Back to the Future: What’s the New Normal When We Go Back to Work?
May 6, 2020
As many organizations continue to operate remote workforces in order to abide by stay-at-home government mandates and follow the broad best practice for keeping employees safe, planning is underway for how to safely return to work. Cross-functional teams — from human resources to compliance and facilities — are evaluating approaches for migrating back to their buildings. These plans and pending adaptations range from the basics of staggering employees’ worksite-return dates to deploying the latest in wearable technology.
Such strategies to mindfully reenter and remain safely operational in offices or shared-space work environments (e.g., production/manufacturing areas, laboratories, warehouses, construction sites) include, but are not limited to:
- Automated body-temperature screening at entry points through thermal, infrared-technology cameras
- Door openings prompted by a foot-tap interaction with a button vs. a typical trigger at hand-level
- Cubicle and workspace reconfiguration, separating employee desks in accordance with social-distancing guidelines
- Testing employees for COVID-19 antibodies
- Wearable tech (e.g., wristbands, necklaces), which:
- Alerts the wearer to a fellow employee being too close when two devices come within six feet
- Provides contact-tracing to determine wearers who have been in proximity of one another, displaying a dashboard of interaction data for organizations to determine employees’ exposure
- Shares real-time employees’ health statuses through a function for wearers to report their health changes to trigger immediate implementation of the organization’s response (e.g., personnel notification, quarantine procedures, area sanitization)
- First allowing certain groups or individuals back based on essential job function or need for worksite resources, followed by an approach to allow subsequent groups back, in phases, one at a time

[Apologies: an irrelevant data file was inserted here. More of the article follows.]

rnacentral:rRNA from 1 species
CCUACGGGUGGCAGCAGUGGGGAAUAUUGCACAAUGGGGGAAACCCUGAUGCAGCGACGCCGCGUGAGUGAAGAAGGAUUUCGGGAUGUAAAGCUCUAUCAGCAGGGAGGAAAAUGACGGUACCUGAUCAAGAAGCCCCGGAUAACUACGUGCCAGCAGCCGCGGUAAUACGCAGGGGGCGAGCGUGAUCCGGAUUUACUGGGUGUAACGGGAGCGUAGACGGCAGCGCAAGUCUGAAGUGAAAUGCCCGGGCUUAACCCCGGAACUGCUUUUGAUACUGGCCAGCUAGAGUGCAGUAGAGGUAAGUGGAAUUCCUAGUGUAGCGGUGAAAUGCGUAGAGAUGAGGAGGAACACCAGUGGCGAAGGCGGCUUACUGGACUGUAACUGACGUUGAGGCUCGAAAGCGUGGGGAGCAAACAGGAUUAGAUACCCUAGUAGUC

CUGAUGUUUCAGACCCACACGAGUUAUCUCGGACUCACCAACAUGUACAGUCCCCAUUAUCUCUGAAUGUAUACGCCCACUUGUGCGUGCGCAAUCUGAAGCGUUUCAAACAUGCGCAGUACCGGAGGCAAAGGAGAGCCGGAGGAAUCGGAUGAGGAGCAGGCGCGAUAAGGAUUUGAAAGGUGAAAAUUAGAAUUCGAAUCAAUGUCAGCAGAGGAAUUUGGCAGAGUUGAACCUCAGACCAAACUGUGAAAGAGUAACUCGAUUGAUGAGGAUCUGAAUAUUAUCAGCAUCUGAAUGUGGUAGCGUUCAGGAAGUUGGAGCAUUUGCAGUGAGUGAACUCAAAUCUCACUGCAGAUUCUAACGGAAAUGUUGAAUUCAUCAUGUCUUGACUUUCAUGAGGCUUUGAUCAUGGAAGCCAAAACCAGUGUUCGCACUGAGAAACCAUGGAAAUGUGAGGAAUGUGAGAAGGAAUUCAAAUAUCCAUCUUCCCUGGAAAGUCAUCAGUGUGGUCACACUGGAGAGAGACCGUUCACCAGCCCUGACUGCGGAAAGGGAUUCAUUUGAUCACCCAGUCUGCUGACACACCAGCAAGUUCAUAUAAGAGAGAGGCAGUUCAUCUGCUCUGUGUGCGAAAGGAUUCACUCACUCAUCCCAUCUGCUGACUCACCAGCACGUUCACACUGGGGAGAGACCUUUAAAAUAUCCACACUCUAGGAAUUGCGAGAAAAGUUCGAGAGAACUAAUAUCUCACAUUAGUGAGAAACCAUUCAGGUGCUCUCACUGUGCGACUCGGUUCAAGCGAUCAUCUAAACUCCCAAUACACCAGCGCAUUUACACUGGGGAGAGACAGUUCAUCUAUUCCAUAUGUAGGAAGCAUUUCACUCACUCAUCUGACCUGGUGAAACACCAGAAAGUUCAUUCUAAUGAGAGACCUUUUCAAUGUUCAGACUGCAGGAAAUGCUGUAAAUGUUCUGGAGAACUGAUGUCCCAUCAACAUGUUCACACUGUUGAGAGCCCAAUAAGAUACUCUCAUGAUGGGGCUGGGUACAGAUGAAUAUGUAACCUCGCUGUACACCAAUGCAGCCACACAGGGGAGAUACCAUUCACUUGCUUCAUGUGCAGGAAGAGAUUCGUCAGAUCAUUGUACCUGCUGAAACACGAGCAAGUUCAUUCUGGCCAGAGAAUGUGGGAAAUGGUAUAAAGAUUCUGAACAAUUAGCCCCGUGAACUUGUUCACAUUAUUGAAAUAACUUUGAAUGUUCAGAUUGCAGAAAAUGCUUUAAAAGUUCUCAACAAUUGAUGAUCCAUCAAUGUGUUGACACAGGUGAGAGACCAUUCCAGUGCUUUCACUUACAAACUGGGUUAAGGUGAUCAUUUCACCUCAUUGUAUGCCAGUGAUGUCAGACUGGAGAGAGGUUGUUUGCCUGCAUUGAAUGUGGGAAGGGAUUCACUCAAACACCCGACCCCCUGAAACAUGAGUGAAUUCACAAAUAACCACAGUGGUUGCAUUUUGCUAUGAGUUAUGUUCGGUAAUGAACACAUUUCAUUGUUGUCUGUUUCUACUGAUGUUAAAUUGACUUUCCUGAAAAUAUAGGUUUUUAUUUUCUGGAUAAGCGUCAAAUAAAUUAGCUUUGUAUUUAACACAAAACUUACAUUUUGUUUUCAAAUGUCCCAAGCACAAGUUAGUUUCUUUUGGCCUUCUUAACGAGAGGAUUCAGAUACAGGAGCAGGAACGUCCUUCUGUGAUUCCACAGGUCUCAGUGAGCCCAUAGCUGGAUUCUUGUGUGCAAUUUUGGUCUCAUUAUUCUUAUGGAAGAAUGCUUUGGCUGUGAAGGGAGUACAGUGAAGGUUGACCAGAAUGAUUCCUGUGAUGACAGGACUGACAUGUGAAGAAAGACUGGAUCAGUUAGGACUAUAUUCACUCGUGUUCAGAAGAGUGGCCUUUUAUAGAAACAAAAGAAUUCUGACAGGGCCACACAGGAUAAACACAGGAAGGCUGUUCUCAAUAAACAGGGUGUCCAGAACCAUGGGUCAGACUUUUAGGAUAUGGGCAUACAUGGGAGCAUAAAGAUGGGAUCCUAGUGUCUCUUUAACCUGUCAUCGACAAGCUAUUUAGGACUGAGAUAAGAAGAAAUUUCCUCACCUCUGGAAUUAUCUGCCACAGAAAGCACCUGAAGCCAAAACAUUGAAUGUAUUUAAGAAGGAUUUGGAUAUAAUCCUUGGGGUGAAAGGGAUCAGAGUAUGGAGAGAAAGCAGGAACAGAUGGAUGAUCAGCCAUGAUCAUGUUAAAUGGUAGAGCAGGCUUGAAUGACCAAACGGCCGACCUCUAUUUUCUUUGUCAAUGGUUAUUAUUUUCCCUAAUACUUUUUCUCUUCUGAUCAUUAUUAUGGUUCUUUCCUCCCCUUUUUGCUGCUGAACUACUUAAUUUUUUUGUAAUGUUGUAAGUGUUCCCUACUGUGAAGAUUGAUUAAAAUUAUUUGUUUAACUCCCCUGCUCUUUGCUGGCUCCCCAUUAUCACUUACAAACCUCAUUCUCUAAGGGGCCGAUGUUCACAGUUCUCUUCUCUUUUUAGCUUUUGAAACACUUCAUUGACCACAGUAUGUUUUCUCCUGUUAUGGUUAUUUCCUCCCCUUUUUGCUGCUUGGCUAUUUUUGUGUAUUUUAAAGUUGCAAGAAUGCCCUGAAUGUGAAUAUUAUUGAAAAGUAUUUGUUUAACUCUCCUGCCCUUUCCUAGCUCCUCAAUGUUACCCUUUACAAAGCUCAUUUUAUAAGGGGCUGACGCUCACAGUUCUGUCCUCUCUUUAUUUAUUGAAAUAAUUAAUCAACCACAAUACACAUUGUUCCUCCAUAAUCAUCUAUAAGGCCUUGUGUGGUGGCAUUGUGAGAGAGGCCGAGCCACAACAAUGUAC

To the last point, for some companies, like Zillow, having a phased reentry means devoting an entire phase — the remainder of 2020 — to keeping their employees working at home. The phased reentry approach’s minimal associated expenditures and setup in the form of system installations, workspace adaptions, facility reconfigurations, etc., may make it the most popular practice employed; however, the business environment will dictate if some of the technologies cited mean a better return on investment (ROI) and may be cause for greater employee wellbeing. For instance, for any facility welcoming frequent visitors or customers, a phased re-entry of their personnel will only have protective effects in the short term. If automated temperature screenings can be applied to any vendor, customer, or person walking through a business’s door from henceforth (to ensure no one enters with a fever), that will keep everyone safe and assured in the long term.
In search of solutions, one Global Fortune 500’s HR leadership is essentially crowd-sourcing ideas for avoiding virus spread from its employee base, which goes to show there is no roadmap at an organization’s disposal to navigate through responding to a global disruption of this nature.
What these products, plans, and practices all demonstrate is how the collective “we” of organizational thought leaders, employees of all levels and functions, and members of society, are building and anticipating best-practice responses as we go along. While it may have required a global pandemic to catch on, the advanced and widespread levels of collaboration and agility present in these approaches will result in safer work conditions and businesses better versed in operating nimbly, the latter of which proves an ever-growing factor for sustained success in our changing global environment.